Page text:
A family of Catamounts, and a family of fundraisers. Tim Locklair, is a 1995 graduate of Western Carolina University, and his daughter, Hailee Locklair, is a junior at WCU majoring in communication, with a broadcasting concentration and a minor in philosophy.
They share a strong bond through their similar job experiences while on WCU’s campus. Tim was a phone-a-thon operator for WCU’s Loyalty Fund during his time as a student, and now Hailee is following in his footsteps, working as a Chatty Cat engagement officer for the Division of Advancement.
“My dad talks about his experience a lot, and how great it was getting to hear so many stories from WCU alumni, and I knew I wanted to have that same experience,” Hailee said. She also said she was glad to find an on-campus job that would allow her to work remotely during the COVID-19 pandemic.
“I was especially drawn in by the fact that you don’t have to really interact face-to-face with a lot of people.” Hailee said. “You can do the job by yourself and not have to worry about getting sick, or making others sick. That’s really important right now.”
Tim is thrilled his daughter is following in his footsteps, but despite the two having held the same type of position, the differences in their experiences do not escape him.
“My roommate saw the position, on what was back then an actual job board with an actual paper job posting, in Reed Gymnasium,” Tim said. “We applied and we started doing it. We reported to the administration building a few evenings a week. There was a room set up where we made the calls.”
Not only does the location of the job vary, but the actual technology behind making the phones calls differs, as well. “We had calling cards that we would use that had the person’s name, the year they graduated, and if they had given before. We used those to write our notes on, and if someone made a pledge we recorded it right on the card, and then a giving form would get sent in the mail to the alumni. I know her experience is going to be very different, just from a technological standpoint. I dialed on an actual phone; Hailee gets to click a button on a laptop. We are in the middle of a pandemic and it’s incredible that she can still do something positive for her university during these times.”
Despite not getting to work in a traditional work environment Hailee believes that her experience as a Chatty Cat still holds immense value that will benefit her. “You gain an understanding of how to relate to people much better, especially people across different age ranges. Someone could have graduated just a few years before I got here, or many years before I got here, and talking to such a wide variety of people will help me learn to conversate much better with anyone I talk to throughout my lifetime,” Hailee said.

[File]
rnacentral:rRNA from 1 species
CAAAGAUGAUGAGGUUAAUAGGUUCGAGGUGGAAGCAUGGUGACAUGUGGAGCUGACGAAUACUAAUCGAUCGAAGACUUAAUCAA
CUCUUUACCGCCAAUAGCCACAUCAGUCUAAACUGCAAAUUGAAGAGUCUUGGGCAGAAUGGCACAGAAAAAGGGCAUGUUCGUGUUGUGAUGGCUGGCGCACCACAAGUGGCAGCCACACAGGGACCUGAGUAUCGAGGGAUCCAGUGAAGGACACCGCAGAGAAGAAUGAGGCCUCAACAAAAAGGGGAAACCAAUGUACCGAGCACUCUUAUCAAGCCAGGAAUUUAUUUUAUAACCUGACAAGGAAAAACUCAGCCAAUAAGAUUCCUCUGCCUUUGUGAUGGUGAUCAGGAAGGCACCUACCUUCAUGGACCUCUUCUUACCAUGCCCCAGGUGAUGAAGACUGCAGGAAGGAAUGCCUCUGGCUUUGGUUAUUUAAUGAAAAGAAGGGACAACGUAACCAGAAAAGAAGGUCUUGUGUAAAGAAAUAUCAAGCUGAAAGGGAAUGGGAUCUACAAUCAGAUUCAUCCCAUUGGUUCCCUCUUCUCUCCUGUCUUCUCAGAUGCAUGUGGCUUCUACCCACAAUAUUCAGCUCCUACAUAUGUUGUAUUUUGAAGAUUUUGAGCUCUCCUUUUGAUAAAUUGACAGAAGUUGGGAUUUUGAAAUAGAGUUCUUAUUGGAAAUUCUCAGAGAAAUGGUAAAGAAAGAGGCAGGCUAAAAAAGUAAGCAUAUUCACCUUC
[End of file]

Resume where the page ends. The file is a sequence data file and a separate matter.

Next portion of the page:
Tim echoed Hailee’s sentiments, describing how deeply his experience as a Loyalty Fund phone-a-thon operator and a WCU student impacted his life after graduation. Tim is the chief officer for academics and student support services at Moore County Schools, but began his career as a high school social studies teacher.
“I knew I was looking for a university that had a great reputation for preparing educators and teachers,” he said. “That’s what I knew I wanted to do, and when I visited, I knew it was the right place for me. I am still impacted by the things I learned at Western, and the university set me on a course for my career that’s been a wonderful experience.”
The Locklair family leads by example when it comes to fundraising efforts. In addition to his fundraising efforts as a student, Tim is now a recurring donor to the university. Hailee hopes that her work as a Chatty Cat will inspire others to donate to WCU.
“I feel like giving back to the community you’re involved in is really important, because it’s all a cycle,” Hailee said. “You give and then you get back, and the more you give, the more you see the things around you changing in a positive way.”
Hailee hopes to be greeted with the same types of nostalgic surprises her father does when she returns to WCU’s campus as an alumna. “Through donations to Western, I get to watch Western grow, and years after I graduate, I’ll get to come back and have the same feelings my Dad does now, when we visit and he says things like, ‘Oh, that’s different now.’”
“Simply put, giving back to WCU enables the university to impact lives in a way that lives on past their time at Western Carolina.” Tim said. “I love WCU for what I learned there, the lifelong friendships I made there, and the incredible, soul-cleansing, beautiful landscape of Western North Carolina. Hailee said it best, continue the cycle for students, and watch Western Carolina grow for years to come.”
To support “I Love WCU,” visit give.wcu.edu/love.
Current students can strengthen their resume and gain valuable real-world experience in communication, fundraising, public relations and more by becoming a Chatty Cat Engagement Officer. Learn more at chattycats.wcu.edu.